Plaza Muril­lo, La Paz, Bolivia between 1908 and 1919, Library of Congress

On an oth­er­wise unevent­ful after­noon in 1975, John Gel­ern­ter was walk­ing through the streets of his home­town of La Paz, Bolivia, when he saw a famil­iar face.

Ter­ri­fy­ing­ly familiar.

That’s Klaus Bar­bie,” he told the French col­league walk­ing with him.

Bar­bie, the for­mer Gestapo chief known in Bolivia as Klaus Alt­mann, was accom­pa­nied by his body­guard. They over­heard Gel­ern­ter. As the two pairs of peo­ple drew clos­er, the body­guard pulled out a gun and pressed it to Gelernter’s ribs. He kicked his ankles and threat­ened to take him to the police station.

That is when Bar­bie told him to let me go,” Gel­ern­ter told me recent­ly. And speak­ing very soft­ly in Ger­man, know­ing exact­ly and sur­pris­ing­ly who I was, said some­thing like this: Herr Gel­ern­ter, there is space for every­body here (in Bolivia), so let me be.’”

Gel­ern­ter didn’t tempt fate. He had already lost too many fam­i­ly mem­bers to the Nazis.

Only when I moved to La Paz in 2012 did I learn that there were between 10,000 and 20,000 Jew­ish refugees in Bolivia dur­ing World War II, many of whom were musi­cians, artists, and per­form­ers. I won­dered what it had been like to have lost home, coun­try, fam­i­ly, and pro­fes­sion­al ambi­tions, and to end up some­where so alien.

I met John Gel­ern­ter in the gar­den of the Span­ish embassy not long after I arrived with my hus­band Tim, who was at that time the head of del­e­ga­tion for the EU in La Paz, and our young daughter.

While Gel­ern­ter is cur­rent­ly the Hon­orary Finnish Con­sul Gen­er­al in Bolivia, he worked most of his life as con­cert­mas­ter and guest con­duc­tor of the Boli­vian Sym­pho­ny Orches­tra. At the same time, he was man­ag­ing direc­tor of Cibo, a large heavy equip­ment and machin­ery sup­pli­er. I stud­ied engi­neer­ing,” he said. My father encour­aged me to be a musi­cian but insist­ed I have anoth­er career.”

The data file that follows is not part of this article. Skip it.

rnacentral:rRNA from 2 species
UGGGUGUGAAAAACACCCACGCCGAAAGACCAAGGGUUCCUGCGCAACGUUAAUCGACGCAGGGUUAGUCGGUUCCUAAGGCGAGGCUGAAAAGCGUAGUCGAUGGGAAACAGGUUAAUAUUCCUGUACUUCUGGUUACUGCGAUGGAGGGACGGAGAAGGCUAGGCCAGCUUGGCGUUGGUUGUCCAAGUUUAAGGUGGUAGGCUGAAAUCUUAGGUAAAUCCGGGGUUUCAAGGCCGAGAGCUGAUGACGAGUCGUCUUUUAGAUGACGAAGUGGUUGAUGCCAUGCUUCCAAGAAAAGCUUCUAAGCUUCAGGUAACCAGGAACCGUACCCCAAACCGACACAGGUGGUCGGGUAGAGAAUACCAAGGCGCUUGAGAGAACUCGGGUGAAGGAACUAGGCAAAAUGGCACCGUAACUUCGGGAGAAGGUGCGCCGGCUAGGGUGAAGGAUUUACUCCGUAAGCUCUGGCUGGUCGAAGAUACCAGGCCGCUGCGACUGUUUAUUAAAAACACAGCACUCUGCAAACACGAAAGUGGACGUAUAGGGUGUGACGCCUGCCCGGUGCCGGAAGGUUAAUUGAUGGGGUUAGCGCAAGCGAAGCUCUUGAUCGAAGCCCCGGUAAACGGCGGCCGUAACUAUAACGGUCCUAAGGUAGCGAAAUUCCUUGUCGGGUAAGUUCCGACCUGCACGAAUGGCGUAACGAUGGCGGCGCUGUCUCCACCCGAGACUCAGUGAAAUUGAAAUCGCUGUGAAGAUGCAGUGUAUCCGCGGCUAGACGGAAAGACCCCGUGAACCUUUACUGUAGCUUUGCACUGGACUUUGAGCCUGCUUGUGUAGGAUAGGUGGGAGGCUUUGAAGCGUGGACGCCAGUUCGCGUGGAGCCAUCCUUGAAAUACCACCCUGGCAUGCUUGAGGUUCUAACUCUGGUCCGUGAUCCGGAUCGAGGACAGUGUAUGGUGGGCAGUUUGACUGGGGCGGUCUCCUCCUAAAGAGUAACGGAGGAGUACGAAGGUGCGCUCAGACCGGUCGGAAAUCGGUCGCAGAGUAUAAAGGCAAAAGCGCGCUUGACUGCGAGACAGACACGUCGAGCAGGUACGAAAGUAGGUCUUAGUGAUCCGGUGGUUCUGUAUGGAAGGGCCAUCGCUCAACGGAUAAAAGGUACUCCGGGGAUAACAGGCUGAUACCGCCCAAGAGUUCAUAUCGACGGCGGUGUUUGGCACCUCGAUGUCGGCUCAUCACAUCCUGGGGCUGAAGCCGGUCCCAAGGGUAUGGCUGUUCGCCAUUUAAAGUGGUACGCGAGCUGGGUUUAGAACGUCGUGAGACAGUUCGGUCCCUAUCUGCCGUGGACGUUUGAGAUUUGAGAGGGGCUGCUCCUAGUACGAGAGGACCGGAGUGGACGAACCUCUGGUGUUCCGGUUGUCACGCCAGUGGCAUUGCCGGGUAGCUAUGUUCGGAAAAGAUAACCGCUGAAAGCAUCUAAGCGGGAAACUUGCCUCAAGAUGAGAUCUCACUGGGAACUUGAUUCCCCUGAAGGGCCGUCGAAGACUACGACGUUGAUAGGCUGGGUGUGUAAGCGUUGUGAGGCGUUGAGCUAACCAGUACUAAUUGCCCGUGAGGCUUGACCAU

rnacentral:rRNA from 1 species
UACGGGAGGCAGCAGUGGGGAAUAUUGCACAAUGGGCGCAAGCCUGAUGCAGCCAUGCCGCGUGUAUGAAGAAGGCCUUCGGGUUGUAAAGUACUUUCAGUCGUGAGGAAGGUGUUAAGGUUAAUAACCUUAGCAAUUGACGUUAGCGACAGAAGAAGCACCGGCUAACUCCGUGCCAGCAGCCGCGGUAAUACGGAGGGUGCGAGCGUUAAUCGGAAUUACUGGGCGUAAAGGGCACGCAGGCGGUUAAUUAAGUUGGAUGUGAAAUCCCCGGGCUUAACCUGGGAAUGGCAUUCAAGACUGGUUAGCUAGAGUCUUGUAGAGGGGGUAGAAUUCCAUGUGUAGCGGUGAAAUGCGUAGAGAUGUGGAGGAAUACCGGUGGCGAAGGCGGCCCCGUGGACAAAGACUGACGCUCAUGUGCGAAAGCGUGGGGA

With green eyes and red­dish-blond hair, he is still some­times mis­tak­en for a for­eign­er and com­pli­ment­ed on his flu­ent Boli­vian Span­ish. But when John described his encounter with Bar­bie, I won­dered what it must have been like to have fam­i­ly who escaped the Nazis in Europe only to encounter them in Bolivia. The more I learned about the lives of Jew­ish refugees in La Paz, the more I want­ed the world to hear these stories.

I won­dered what it must have been like to have fam­i­ly who escaped the Nazis in Europe only to encounter them in Bolivia.

While John was born in Bolivia, the sis­ter he nev­er knew was born in a part of Poland that was tak­en over by Ukrain­ian forces of the USSR in Sep­tem­ber 1939 and then occu­pied by Ger­mans from June 1941 until July 1944. That part of Poland is now part of the Repub­lic of Ukraine.

Gelernter’s moth­er Matyl­da came from Bolechów. She and her hus­band Chaim lived in Stanis­la­wow until Chaim was con­script­ed into the Russ­ian army. On Novem­ber ninth, 1941, Matyl­da and her infant daugh­ter moved in with her par­ents in Bolechów, where some 3,000 Jews made up about sev­en­ty-five per­cent of the city’s population.